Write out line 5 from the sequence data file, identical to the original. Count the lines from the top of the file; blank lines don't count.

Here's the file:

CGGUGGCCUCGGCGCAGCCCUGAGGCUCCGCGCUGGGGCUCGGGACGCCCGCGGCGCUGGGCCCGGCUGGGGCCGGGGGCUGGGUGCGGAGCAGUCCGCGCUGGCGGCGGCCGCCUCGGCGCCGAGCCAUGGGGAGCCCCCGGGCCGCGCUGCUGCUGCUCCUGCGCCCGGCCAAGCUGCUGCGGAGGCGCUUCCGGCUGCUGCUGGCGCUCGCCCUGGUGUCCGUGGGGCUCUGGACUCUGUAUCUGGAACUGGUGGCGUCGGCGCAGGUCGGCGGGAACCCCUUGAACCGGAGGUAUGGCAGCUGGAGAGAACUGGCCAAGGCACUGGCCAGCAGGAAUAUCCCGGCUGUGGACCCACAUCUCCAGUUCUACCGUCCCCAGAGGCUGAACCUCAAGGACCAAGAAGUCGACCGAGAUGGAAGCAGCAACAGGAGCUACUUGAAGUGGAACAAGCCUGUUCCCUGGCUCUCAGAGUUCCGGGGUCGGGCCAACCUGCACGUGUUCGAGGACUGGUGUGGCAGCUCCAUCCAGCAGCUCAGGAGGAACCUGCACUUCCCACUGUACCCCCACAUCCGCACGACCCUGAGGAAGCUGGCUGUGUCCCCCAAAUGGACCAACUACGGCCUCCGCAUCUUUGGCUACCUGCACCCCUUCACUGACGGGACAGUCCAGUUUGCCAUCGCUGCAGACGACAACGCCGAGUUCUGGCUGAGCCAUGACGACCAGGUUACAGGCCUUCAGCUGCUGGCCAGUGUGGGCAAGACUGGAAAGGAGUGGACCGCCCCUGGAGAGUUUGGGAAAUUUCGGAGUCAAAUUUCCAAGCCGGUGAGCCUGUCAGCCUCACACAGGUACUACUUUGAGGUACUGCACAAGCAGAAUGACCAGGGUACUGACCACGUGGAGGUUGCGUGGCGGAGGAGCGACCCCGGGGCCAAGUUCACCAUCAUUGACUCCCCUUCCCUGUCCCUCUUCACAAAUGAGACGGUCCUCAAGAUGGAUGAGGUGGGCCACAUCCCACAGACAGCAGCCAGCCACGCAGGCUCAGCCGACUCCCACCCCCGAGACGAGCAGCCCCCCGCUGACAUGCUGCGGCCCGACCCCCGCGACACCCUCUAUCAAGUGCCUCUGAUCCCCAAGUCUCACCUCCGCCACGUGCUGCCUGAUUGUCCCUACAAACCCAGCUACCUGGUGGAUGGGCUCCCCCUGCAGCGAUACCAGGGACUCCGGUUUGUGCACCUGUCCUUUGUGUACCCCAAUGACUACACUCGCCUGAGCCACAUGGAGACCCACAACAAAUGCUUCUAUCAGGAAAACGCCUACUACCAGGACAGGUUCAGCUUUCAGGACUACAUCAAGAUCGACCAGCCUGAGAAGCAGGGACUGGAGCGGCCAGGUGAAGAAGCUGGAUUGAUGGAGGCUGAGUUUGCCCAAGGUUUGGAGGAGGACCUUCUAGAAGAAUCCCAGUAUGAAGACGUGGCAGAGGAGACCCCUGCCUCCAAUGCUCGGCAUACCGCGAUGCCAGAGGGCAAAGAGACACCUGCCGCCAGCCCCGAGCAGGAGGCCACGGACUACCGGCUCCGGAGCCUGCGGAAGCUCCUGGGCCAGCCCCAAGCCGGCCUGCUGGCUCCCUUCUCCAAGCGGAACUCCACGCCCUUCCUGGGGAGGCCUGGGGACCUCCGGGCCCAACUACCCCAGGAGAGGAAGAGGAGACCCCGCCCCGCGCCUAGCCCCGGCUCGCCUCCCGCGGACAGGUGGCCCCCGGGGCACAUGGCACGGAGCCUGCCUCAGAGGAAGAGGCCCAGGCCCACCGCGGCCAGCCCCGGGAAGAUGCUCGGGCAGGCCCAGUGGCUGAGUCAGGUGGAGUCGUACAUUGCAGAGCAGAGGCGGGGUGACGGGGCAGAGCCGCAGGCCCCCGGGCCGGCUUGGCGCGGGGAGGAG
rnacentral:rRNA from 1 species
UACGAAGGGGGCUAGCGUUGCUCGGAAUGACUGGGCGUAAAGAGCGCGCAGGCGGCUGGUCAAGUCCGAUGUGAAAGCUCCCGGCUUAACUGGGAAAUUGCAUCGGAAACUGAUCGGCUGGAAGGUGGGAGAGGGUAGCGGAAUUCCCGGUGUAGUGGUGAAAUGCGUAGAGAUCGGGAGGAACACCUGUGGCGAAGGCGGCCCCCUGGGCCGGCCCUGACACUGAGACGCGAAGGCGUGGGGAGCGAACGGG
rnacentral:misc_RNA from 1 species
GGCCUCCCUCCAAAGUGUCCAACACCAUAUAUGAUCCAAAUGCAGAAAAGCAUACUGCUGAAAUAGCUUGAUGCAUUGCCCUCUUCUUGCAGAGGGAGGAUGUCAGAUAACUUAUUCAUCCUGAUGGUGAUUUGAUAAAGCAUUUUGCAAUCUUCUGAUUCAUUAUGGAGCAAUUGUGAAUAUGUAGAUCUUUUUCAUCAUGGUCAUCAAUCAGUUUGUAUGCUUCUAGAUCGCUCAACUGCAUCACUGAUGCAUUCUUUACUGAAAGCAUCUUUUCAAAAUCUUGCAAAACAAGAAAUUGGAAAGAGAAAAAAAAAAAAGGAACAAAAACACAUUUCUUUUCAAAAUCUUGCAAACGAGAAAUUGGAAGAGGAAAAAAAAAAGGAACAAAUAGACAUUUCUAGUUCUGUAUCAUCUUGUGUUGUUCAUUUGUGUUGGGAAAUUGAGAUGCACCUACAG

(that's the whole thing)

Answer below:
GGCCUCCCUCCAAAGUGUCCAACACCAUAUAUGAUCCAAAUGCAGAAAAGCAUACUGCUGAAAUAGCUUGAUGCAUUGCCCUCUUCUUGCAGAGGGAGGAUGUCAGAUAACUUAUUCAUCCUGAUGGUGAUUUGAUAAAGCAUUUUGCAAUCUUCUGAUUCAUUAUGGAGCAAUUGUGAAUAUGUAGAUCUUUUUCAUCAUGGUCAUCAAUCAGUUUGUAUGCUUCUAGAUCGCUCAACUGCAUCACUGAUGCAUUCUUUACUGAAAGCAUCUUUUCAAAAUCUUGCAAAACAAGAAAUUGGAAAGAGAAAAAAAAAAAAGGAACAAAAACACAUUUCUUUUCAAAAUCUUGCAAACGAGAAAUUGGAAGAGGAAAAAAAAAAGGAACAAAUAGACAUUUCUAGUUCUGUAUCAUCUUGUGUUGUUCAUUUGUGUUGGGAAAUUGAGAUGCACCUACAG